ACCA leads the debate on Public Sector Innovation with EU experts at the European Court of Auditors and calls for more radical change
Governments around the world face a vast array of challenges, from declining public trust to technological disruption, from budget reductions to talent shortages, which all need innovative responses. But in the face of demanding and often disgruntled citizens, new economic, social and environmental challenges, as well as accelerating technological change, will an incremental, largely managerially-mandated, model of innovation be sufficient?
To help provide some much needed light on this question, and as part of its quarterly brand theme on the “power of connections”, ACCA organised a conference titled Creating value and driving sustainability, accountability and the digital agenda through Public Sector Innovation at the European Court of Auditors in Luxembourg.
The impressive line-up of experts myth-busted the assumption that innovation and the public sector are antithetical, and discussed how to cultivate public sector innovation. The second panel explored areas where governments are applying innovative practices to improve outcomes for citizens, create value, while driving sustainability, accountability and the digital agenda, including Blockchain.
Lazaros S Lazarou, Member of the European Court of Auditors, Dean of Chamber V ‘‘Financing and administering the Union’’ and a Member for the Annual Report, who hosted the event said:
‘To address today’s interconnected challenges, we need to move from incremental to more radical innovation – resulting in full system changes that fundamentally rework how we deliver public services. This is also the answer emerging from the new ACCA report on Innovation in public finance, which makes the case for more radical innovation in public finance, while demonstrating that the finance function must play a central role in completing this journey.
‘Leaders need to be able to experiment and adapt. Of course, dynamic change on this scale is risky, and bringing new ideas to life can be disruptive. Unlike the private sector, moving to radical innovation for the public sector is a challenge in itself – stability has to be sustained. But ultimately, as many of those who responded to the ACCA’s survey recognised, aiming for transformation may be less risky than hoping it can be avoided. They find that status quo is no longer an option.’
This was echoed by Alex Metcalfe, Head of Public Sector Policy at ACCA who moderated the first panel session:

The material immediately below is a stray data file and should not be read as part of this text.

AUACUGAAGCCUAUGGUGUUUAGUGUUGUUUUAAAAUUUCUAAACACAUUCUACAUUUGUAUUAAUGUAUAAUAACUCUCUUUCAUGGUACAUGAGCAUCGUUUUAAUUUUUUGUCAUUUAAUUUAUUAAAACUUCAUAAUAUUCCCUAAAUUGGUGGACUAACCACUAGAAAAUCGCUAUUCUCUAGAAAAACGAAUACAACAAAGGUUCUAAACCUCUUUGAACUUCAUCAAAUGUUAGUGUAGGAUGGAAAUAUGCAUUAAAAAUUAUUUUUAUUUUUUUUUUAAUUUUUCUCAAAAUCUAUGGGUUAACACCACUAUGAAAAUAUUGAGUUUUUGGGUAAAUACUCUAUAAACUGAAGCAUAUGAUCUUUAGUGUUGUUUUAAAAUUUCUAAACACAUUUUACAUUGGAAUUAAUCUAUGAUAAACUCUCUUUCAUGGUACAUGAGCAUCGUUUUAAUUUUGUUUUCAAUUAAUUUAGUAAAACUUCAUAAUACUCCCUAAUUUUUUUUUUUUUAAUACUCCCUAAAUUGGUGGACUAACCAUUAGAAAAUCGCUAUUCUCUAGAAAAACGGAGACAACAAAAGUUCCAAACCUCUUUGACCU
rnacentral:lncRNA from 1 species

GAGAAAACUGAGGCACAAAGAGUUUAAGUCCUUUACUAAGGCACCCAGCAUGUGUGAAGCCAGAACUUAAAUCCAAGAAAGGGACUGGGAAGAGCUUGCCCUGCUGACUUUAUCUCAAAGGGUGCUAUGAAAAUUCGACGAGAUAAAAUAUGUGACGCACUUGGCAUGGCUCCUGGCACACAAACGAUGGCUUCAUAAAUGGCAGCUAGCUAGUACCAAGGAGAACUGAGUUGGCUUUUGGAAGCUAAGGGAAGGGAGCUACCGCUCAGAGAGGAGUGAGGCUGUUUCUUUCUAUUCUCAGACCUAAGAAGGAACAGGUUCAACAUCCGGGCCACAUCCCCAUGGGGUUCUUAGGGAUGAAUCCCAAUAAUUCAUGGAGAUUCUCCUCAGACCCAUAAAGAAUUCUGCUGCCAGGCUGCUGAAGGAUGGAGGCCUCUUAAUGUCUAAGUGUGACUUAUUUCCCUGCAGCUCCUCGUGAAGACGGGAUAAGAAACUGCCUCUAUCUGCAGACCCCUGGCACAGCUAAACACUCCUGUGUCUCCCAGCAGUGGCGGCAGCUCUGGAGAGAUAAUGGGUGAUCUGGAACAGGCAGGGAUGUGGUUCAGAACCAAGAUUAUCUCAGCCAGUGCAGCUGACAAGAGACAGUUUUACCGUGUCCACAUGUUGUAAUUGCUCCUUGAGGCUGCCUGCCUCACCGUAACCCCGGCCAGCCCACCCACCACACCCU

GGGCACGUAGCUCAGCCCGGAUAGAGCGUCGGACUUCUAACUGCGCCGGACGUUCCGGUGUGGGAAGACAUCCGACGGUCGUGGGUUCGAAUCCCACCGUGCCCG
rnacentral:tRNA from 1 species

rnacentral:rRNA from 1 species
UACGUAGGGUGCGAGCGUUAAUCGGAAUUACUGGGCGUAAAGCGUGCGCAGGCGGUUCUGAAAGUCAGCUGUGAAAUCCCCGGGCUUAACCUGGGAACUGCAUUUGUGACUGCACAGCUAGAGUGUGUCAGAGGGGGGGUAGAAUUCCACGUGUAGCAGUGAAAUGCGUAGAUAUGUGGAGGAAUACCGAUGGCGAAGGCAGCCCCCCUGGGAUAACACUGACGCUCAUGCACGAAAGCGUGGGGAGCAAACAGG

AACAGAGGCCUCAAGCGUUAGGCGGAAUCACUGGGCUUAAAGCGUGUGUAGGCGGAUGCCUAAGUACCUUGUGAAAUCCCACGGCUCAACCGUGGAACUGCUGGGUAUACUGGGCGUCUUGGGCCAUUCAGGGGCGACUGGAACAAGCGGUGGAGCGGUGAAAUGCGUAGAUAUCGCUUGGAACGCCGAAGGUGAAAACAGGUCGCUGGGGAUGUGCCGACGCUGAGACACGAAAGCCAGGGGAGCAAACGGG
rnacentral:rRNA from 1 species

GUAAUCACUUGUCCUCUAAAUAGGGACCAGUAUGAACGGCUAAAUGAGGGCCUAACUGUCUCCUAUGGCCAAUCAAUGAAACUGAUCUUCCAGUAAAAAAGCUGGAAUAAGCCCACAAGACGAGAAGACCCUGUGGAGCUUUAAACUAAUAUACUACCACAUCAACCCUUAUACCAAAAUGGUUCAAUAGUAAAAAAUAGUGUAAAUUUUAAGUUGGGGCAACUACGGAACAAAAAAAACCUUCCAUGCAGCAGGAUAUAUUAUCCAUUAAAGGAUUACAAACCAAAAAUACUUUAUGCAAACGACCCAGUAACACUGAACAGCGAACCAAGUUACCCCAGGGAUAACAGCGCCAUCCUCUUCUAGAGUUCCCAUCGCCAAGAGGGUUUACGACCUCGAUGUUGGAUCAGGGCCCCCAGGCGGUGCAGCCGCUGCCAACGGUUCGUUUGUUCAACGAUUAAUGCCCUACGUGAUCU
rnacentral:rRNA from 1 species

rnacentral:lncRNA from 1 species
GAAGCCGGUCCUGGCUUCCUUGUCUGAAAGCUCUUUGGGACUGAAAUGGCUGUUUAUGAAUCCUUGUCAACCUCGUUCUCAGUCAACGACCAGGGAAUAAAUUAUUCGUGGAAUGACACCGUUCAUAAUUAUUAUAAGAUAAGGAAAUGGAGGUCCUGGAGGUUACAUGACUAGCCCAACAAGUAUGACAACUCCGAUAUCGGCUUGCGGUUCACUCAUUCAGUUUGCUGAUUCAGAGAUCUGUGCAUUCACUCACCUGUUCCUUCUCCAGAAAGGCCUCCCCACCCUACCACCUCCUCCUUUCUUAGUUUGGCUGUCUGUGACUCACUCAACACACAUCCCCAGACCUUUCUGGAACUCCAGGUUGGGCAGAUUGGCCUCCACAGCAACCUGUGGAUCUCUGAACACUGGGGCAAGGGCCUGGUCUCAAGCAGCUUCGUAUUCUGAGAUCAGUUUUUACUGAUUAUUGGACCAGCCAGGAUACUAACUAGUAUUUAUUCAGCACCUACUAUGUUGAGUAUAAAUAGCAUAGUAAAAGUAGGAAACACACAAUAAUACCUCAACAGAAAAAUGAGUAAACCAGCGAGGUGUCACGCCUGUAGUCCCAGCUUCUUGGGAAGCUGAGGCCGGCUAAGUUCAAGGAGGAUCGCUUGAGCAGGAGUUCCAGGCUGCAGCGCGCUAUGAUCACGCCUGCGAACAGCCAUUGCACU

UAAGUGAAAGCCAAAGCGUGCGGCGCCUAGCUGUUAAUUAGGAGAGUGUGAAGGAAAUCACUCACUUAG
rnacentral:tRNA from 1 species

‘Pressure for continuity is particularly understandable in a sector where changes to public services could negatively impact some of the most vulnerable in society. Innovative ideas must also come from frontline and citizen initiative, and not simply rely on top-down visions of the future. For this to happen, we need to create new collaborations and perhaps also think differently about leadership.’
Discussions confirmed that the public sector can, and should, be a driver of innovation. Creating innovation through governments and the public sector is often the most impactful but also the harder route. The OECD - OPSI model shows that innovation needs to be supported in different ways and as a consequence, there are a variety of approaches - top down/bottom up- to cultivate innovation in the public sector.
The debate also revealed that a common element among the different paths towards innovation is the participatory role of employees in designing and implementing the practice, along with dialogue with employee representatives regarding changes and the future of the service. It also highlighted the importance of collaborative innovation, where the public sector develop new services, policies, technologies or processes together with other government organisations, private actors and citizens.
Brian McEnery, Head of Advisory at BDO, and Former ACCA President, moderated the second panel. He concluded:
‘Innovation is not just for entrepreneurs and ‘rule-breakers’. It takes team work to innovate, people with a diverse range of perspective, insights and skills who can meet the challenges of radical innovation. Radical ideas will often come from a wider network of stakeholders – a wider innovation ecosystem - including the users involved in a programme or service. It is through the power of connections that new ideas can translate into concrete actions that will achieve change in the public sector finance function, and public finance professionals must play a role as key enablers and supporters of this change.’
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